Every printed piece is unique, calling for different specifications and finishes.

And coatings can literally “seal the deal” on your project.

These details are what can make a piece stand out or fall flat depending on the creative choices of the designer and printer.  The final coatings can make a world of difference to the end recipient, plus provide a protective layer to maintain the piece over time.

Apart from highlighting a photo with gloss, oftentimes little thought is given to the use of protective coatings or laminates, typically due to lack of knowledge on the various available options. When it comes to coating, the primary choices are typically liquid coating like varnishes, aqueous coatings, and UV coatings.

Flood of soft touch varnish with gloss UV

Varnish Coating

Think of a varnish like a low-cost clear ink that comes in gloss, satin, or matte/dull that can be applied to certain areas or the whole page (also known as a flood varnish). Spot varnish allows you to highlight specific elements of a printed piece, like photos, logos or other details that you want to “pop.” Varnishes do tend to yellow over time, but some printers will apply a small amount of opaque optical whitener to offset the issue.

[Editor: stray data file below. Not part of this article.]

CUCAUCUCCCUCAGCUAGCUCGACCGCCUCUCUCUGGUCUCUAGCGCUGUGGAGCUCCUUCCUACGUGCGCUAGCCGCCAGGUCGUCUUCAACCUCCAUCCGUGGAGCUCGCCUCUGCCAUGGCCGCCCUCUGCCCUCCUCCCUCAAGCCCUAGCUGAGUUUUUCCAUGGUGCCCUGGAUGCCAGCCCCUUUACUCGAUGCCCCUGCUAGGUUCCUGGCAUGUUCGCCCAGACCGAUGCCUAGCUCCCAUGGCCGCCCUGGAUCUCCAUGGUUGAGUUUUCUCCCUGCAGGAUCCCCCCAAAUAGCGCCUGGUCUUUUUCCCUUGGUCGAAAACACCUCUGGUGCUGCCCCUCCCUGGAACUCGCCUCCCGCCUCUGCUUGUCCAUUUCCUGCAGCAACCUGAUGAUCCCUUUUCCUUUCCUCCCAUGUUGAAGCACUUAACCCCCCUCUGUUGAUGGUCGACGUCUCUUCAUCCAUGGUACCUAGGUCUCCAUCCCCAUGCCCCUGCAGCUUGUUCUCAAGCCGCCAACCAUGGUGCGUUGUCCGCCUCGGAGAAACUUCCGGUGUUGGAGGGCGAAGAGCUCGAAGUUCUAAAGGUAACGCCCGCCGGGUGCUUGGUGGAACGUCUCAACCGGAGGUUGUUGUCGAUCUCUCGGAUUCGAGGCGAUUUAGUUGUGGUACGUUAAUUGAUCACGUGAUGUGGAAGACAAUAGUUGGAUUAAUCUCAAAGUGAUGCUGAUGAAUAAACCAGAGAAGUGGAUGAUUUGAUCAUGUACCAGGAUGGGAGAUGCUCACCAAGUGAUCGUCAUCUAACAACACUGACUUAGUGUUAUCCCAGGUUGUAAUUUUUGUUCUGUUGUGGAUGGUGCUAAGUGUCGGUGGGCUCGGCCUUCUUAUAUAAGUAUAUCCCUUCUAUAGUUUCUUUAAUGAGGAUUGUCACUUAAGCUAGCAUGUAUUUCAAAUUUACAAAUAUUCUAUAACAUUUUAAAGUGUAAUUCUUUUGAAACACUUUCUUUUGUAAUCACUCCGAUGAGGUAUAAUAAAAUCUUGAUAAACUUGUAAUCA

Aqueous Coating

Aqueous coating is a commonly used, fast-drying, water-based, protective coating that helps to cut back on fingerprints and dirt. For any printed piece that involves handling, like magazines or business cards, aqueous coating is a must-have. Other benefits of aqueous coating include less yellowing over time and they are safer for the environment than varnishes. Heavier paper stocks are recommended for this coating method to avoid curling of paper.

Strikethru varnish with gloss UV

UV Coating

UV coating is offered in high gloss, matte or satin, offering more protection than other coatings. UV coatings can be applied in-line or off-line by printers, converters or finishers. UV coatings are applied to a full page or specific spots with a roller, screen or blanket, then exposed to ultraviolet light to set and harden the coating. The coatings can either be applied across the entire page or, while lacking the precision of a varnish, on a spot basis. You can even opt for glitter or scented finishes with this technique. Coated paper is typically selected with UV coating to avoid the finish sinking into the sheet.

With a myriad of coating choices to consider, it can be overwhelming to know what will really make your piece stand out from the rest. If you’re looking for help or recommendations on what type of coating will work best for your project, contact the pros at Kingston Printing!